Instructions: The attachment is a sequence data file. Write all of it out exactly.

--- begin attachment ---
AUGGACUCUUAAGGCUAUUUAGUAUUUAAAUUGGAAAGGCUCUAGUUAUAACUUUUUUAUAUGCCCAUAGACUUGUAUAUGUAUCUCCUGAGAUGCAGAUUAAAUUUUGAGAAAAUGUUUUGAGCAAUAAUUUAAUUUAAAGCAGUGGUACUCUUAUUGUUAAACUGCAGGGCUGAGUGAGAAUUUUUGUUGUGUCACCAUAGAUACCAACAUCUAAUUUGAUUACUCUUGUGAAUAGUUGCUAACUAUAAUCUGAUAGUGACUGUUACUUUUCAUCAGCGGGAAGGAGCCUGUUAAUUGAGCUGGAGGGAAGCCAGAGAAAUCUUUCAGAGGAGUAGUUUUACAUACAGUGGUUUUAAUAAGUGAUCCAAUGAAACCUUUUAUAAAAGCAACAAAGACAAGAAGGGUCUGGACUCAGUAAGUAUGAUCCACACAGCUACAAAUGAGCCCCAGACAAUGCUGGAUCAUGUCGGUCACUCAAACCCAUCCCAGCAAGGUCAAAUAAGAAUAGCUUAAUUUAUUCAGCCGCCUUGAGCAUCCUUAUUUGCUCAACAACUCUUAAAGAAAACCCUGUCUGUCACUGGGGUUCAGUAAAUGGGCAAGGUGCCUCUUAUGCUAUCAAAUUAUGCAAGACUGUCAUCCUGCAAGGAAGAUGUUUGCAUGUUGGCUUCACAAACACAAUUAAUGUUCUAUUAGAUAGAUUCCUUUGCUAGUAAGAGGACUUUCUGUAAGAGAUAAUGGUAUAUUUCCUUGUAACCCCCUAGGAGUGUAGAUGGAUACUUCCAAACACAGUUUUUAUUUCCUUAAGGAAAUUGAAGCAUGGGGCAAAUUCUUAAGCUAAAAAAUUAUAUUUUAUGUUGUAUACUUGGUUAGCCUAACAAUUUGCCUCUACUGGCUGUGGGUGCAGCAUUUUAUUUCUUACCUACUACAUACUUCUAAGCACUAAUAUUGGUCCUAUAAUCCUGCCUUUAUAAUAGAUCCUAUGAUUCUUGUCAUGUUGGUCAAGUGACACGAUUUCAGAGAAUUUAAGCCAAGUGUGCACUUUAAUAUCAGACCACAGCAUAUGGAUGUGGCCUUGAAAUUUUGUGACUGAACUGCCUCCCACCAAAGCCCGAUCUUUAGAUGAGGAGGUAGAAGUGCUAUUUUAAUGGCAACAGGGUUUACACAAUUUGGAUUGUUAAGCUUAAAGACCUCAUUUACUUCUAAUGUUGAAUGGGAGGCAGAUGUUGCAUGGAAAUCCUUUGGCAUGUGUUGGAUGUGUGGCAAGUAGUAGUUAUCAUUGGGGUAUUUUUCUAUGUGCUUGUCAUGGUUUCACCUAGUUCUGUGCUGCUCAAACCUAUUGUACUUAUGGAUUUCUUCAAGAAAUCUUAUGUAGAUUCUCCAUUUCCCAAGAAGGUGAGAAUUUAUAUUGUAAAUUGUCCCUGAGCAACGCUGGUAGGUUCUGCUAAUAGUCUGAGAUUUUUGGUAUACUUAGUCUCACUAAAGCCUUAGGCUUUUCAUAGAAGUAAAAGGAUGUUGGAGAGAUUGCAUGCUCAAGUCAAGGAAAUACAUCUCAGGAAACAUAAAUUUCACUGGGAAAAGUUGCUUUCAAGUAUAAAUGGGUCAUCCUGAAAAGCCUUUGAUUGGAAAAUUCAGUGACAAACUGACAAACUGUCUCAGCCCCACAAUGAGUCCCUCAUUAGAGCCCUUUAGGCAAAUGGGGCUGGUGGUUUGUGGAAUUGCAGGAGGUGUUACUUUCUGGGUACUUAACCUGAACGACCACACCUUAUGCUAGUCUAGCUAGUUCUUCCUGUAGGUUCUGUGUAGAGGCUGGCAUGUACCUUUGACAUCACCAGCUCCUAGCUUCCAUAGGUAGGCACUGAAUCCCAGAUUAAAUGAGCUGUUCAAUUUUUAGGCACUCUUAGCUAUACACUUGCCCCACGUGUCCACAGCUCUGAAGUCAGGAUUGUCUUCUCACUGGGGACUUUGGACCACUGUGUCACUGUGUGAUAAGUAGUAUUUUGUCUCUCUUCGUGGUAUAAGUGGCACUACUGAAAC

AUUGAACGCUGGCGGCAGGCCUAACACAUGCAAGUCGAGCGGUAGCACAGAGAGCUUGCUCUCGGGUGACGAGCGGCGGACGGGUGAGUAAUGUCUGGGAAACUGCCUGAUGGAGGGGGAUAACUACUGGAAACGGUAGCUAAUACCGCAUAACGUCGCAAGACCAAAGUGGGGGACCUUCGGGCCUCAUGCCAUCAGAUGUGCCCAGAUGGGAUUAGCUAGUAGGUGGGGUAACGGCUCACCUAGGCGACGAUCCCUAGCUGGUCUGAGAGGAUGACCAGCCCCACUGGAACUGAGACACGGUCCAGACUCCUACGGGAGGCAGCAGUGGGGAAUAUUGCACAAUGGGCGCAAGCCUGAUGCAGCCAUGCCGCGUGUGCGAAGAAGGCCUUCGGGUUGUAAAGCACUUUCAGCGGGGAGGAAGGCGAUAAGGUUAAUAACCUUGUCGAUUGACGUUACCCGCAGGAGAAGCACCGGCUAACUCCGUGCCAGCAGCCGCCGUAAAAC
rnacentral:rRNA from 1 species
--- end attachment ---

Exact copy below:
AUGGACUCUUAAGGCUAUUUAGUAUUUAAAUUGGAAAGGCUCUAGUUAUAACUUUUUUAUAUGCCCAUAGACUUGUAUAUGUAUCUCCUGAGAUGCAGAUUAAAUUUUGAGAAAAUGUUUUGAGCAAUAAUUUAAUUUAAAGCAGUGGUACUCUUAUUGUUAAACUGCAGGGCUGAGUGAGAAUUUUUGUUGUGUCACCAUAGAUACCAACAUCUAAUUUGAUUACUCUUGUGAAUAGUUGCUAACUAUAAUCUGAUAGUGACUGUUACUUUUCAUCAGCGGGAAGGAGCCUGUUAAUUGAGCUGGAGGGAAGCCAGAGAAAUCUUUCAGAGGAGUAGUUUUACAUACAGUGGUUUUAAUAAGUGAUCCAAUGAAACCUUUUAUAAAAGCAACAAAGACAAGAAGGGUCUGGACUCAGUAAGUAUGAUCCACACAGCUACAAAUGAGCCCCAGACAAUGCUGGAUCAUGUCGGUCACUCAAACCCAUCCCAGCAAGGUCAAAUAAGAAUAGCUUAAUUUAUUCAGCCGCCUUGAGCAUCCUUAUUUGCUCAACAACUCUUAAAGAAAACCCUGUCUGUCACUGGGGUUCAGUAAAUGGGCAAGGUGCCUCUUAUGCUAUCAAAUUAUGCAAGACUGUCAUCCUGCAAGGAAGAUGUUUGCAUGUUGGCUUCACAAACACAAUUAAUGUUCUAUUAGAUAGAUUCCUUUGCUAGUAAGAGGACUUUCUGUAAGAGAUAAUGGUAUAUUUCCUUGUAACCCCCUAGGAGUGUAGAUGGAUACUUCCAAACACAGUUUUUAUUUCCUUAAGGAAAUUGAAGCAUGGGGCAAAUUCUUAAGCUAAAAAAUUAUAUUUUAUGUUGUAUACUUGGUUAGCCUAACAAUUUGCCUCUACUGGCUGUGGGUGCAGCAUUUUAUUUCUUACCUACUACAUACUUCUAAGCACUAAUAUUGGUCCUAUAAUCCUGCCUUUAUAAUAGAUCCUAUGAUUCUUGUCAUGUUGGUCAAGUGACACGAUUUCAGAGAAUUUAAGCCAAGUGUGCACUUUAAUAUCAGACCACAGCAUAUGGAUGUGGCCUUGAAAUUUUGUGACUGAACUGCCUCCCACCAAAGCCCGAUCUUUAGAUGAGGAGGUAGAAGUGCUAUUUUAAUGGCAACAGGGUUUACACAAUUUGGAUUGUUAAGCUUAAAGACCUCAUUUACUUCUAAUGUUGAAUGGGAGGCAGAUGUUGCAUGGAAAUCCUUUGGCAUGUGUUGGAUGUGUGGCAAGUAGUAGUUAUCAUUGGGGUAUUUUUCUAUGUGCUUGUCAUGGUUUCACCUAGUUCUGUGCUGCUCAAACCUAUUGUACUUAUGGAUUUCUUCAAGAAAUCUUAUGUAGAUUCUCCAUUUCCCAAGAAGGUGAGAAUUUAUAUUGUAAAUUGUCCCUGAGCAACGCUGGUAGGUUCUGCUAAUAGUCUGAGAUUUUUGGUAUACUUAGUCUCACUAAAGCCUUAGGCUUUUCAUAGAAGUAAAAGGAUGUUGGAGAGAUUGCAUGCUCAAGUCAAGGAAAUACAUCUCAGGAAACAUAAAUUUCACUGGGAAAAGUUGCUUUCAAGUAUAAAUGGGUCAUCCUGAAAAGCCUUUGAUUGGAAAAUUCAGUGACAAACUGACAAACUGUCUCAGCCCCACAAUGAGUCCCUCAUUAGAGCCCUUUAGGCAAAUGGGGCUGGUGGUUUGUGGAAUUGCAGGAGGUGUUACUUUCUGGGUACUUAACCUGAACGACCACACCUUAUGCUAGUCUAGCUAGUUCUUCCUGUAGGUUCUGUGUAGAGGCUGGCAUGUACCUUUGACAUCACCAGCUCCUAGCUUCCAUAGGUAGGCACUGAAUCCCAGAUUAAAUGAGCUGUUCAAUUUUUAGGCACUCUUAGCUAUACACUUGCCCCACGUGUCCACAGCUCUGAAGUCAGGAUUGUCUUCUCACUGGGGACUUUGGACCACUGUGUCACUGUGUGAUAAGUAGUAUUUUGUCUCUCUUCGUGGUAUAAGUGGCACUACUGAAAC

AUUGAACGCUGGCGGCAGGCCUAACACAUGCAAGUCGAGCGGUAGCACAGAGAGCUUGCUCUCGGGUGACGAGCGGCGGACGGGUGAGUAAUGUCUGGGAAACUGCCUGAUGGAGGGGGAUAACUACUGGAAACGGUAGCUAAUACCGCAUAACGUCGCAAGACCAAAGUGGGGGACCUUCGGGCCUCAUGCCAUCAGAUGUGCCCAGAUGGGAUUAGCUAGUAGGUGGGGUAACGGCUCACCUAGGCGACGAUCCCUAGCUGGUCUGAGAGGAUGACCAGCCCCACUGGAACUGAGACACGGUCCAGACUCCUACGGGAGGCAGCAGUGGGGAAUAUUGCACAAUGGGCGCAAGCCUGAUGCAGCCAUGCCGCGUGUGCGAAGAAGGCCUUCGGGUUGUAAAGCACUUUCAGCGGGGAGGAAGGCGAUAAGGUUAAUAACCUUGUCGAUUGACGUUACCCGCAGGAGAAGCACCGGCUAACUCCGUGCCAGCAGCCGCCGUAAAAC
rnacentral:rRNA from 1 species